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Biology Of Parrots, Species Of Parrots, Parrots In North America, Parrots And People

Parrots, macaws, lories, parakeets, and related birds, known collectively as psittacids, are 328 living species of birds that make up the family Psittacidae. The psittacids and the cockatoos (family Cacatuidae) are the only families in the order Psittaciformes.

Species of psittacids occur in Central and South America, Africa, Madagascar, South and Southeast Asia, New Guinea, Australia, and New Zealand. The greatest richness of species occurs in Australasia and South America. No native species of the parrot family now breed in North America, although one previously abundant species, the Carolina parakeet, is recently extinct.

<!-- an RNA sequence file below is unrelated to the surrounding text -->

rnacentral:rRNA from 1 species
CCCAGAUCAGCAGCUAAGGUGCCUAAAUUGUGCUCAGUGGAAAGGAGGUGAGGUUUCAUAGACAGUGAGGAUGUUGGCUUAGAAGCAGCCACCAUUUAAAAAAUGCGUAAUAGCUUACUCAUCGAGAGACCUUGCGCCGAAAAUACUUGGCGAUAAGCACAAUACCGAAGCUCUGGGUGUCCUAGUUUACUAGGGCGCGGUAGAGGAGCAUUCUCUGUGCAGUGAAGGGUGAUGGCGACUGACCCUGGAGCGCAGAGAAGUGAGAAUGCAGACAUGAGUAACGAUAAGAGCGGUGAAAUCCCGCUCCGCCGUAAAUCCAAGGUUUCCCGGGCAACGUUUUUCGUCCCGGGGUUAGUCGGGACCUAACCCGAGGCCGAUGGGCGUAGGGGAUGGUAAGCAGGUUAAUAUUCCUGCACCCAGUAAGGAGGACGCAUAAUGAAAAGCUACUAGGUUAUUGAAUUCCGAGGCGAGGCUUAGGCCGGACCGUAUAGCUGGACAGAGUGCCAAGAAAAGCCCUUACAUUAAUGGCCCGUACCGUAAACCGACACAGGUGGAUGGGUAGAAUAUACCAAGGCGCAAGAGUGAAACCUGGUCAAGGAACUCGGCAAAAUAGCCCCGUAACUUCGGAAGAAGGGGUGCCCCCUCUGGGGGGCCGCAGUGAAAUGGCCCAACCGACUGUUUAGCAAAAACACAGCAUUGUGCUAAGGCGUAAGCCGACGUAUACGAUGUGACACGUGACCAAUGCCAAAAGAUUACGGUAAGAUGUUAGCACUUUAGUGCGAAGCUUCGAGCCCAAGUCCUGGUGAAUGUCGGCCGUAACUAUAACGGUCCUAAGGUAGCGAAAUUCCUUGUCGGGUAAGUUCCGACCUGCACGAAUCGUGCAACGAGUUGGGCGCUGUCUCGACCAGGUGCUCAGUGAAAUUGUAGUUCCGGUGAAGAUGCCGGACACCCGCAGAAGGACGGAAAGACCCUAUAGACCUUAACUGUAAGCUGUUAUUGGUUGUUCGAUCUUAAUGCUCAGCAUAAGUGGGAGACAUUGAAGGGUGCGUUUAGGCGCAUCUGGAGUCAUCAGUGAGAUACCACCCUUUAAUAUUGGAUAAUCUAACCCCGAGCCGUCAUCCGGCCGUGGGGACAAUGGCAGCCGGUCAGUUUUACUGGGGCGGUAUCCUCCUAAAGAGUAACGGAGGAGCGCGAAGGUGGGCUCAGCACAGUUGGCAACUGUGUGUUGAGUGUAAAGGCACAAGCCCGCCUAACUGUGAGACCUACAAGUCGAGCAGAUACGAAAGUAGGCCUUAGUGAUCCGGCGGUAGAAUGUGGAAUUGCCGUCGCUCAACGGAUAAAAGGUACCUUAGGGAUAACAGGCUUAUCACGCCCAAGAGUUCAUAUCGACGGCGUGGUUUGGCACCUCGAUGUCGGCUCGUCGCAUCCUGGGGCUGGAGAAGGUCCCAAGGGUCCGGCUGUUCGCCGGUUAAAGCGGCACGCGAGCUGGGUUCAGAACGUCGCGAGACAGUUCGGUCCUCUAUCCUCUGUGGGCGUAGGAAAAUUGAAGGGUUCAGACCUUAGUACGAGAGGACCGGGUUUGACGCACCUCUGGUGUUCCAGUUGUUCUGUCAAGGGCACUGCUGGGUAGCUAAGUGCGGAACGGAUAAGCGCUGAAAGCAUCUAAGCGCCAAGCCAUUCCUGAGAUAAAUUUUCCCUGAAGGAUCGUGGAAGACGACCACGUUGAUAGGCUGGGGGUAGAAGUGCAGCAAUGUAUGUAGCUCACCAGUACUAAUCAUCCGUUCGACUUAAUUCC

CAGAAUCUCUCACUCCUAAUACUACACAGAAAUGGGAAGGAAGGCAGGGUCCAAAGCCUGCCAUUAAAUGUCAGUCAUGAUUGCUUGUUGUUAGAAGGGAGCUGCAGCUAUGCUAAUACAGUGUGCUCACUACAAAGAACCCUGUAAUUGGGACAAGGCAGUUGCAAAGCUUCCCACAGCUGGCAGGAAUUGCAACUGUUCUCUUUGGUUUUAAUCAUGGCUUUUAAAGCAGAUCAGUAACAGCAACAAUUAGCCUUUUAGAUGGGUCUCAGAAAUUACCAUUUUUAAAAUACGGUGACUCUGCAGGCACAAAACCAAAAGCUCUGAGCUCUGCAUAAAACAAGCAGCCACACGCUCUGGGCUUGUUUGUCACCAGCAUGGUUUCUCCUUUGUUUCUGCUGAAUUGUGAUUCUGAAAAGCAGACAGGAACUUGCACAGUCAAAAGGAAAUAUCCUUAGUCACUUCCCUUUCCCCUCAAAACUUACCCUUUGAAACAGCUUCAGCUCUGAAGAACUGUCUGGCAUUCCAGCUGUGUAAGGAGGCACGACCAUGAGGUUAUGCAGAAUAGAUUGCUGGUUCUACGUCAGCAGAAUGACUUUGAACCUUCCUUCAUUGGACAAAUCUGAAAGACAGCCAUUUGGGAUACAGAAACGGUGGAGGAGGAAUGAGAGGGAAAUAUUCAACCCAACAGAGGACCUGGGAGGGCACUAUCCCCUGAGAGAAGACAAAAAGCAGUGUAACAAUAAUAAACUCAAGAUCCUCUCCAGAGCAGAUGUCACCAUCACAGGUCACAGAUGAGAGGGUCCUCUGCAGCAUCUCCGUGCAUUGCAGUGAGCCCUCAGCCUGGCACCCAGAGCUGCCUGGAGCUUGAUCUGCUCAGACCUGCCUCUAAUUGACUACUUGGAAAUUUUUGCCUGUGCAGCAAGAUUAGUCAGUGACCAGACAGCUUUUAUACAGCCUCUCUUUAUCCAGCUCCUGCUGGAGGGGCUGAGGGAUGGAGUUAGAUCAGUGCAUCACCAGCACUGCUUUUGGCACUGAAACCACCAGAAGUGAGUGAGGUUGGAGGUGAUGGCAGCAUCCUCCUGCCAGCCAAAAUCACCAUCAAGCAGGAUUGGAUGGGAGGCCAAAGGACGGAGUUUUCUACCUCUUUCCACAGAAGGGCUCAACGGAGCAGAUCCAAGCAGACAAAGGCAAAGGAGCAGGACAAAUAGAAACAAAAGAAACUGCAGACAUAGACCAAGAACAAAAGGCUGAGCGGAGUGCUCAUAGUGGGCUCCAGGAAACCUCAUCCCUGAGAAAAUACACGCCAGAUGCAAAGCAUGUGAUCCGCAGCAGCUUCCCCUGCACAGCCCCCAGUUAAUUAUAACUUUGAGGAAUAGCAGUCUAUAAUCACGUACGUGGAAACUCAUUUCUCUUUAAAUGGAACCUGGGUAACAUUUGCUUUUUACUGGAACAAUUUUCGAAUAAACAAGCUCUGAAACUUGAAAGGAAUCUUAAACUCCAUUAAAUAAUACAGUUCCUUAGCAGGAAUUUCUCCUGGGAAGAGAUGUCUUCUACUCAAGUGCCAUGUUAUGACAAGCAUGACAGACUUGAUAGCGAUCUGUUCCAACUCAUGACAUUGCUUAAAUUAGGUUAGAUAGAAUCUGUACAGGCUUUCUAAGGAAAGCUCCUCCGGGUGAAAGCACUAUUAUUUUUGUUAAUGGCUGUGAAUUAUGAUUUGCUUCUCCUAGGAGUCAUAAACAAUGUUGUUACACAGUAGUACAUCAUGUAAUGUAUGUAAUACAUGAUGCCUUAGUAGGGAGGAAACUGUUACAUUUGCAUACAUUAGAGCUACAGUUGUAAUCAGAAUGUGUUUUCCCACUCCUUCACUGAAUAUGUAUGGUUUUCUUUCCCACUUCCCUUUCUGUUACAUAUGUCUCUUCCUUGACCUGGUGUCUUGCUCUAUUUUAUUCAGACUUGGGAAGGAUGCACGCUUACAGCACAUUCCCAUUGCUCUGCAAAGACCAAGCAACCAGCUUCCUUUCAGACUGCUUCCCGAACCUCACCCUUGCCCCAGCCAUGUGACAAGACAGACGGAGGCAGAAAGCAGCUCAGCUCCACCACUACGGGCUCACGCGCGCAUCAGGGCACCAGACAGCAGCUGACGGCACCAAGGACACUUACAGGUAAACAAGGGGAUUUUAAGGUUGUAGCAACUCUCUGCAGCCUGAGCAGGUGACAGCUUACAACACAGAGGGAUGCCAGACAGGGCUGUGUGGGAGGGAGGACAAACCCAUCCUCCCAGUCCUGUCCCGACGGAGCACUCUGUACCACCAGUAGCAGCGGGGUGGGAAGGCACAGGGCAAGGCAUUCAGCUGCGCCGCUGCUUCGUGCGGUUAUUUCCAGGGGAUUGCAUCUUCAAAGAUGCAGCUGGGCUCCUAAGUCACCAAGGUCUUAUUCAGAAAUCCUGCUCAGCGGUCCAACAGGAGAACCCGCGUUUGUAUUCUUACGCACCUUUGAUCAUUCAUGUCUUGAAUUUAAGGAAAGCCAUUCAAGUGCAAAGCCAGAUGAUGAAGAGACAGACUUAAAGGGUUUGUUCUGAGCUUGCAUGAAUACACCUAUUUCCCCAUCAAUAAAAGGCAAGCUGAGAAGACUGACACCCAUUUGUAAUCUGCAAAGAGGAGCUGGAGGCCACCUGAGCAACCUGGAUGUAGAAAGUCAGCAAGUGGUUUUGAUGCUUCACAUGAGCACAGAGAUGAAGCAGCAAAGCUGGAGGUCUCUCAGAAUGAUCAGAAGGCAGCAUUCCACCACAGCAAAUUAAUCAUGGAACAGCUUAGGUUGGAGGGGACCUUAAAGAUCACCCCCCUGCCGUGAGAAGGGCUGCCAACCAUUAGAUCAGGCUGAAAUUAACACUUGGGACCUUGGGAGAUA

Parrots are arboreal birds, living in and around trees. Most species breed in forests, ranging from temperate to tropical, but other species occur in savannas and other relatively open, treed habitats.

Parrots and their allies are beautifully colored birds, and they are also quite intelligent and personable. These birds are very interesting and vital components of their ecosystems, and sightings of psittacids are highly sought-after by bird-watchers and field ornithologists. Several species are also commonly kept as pets.

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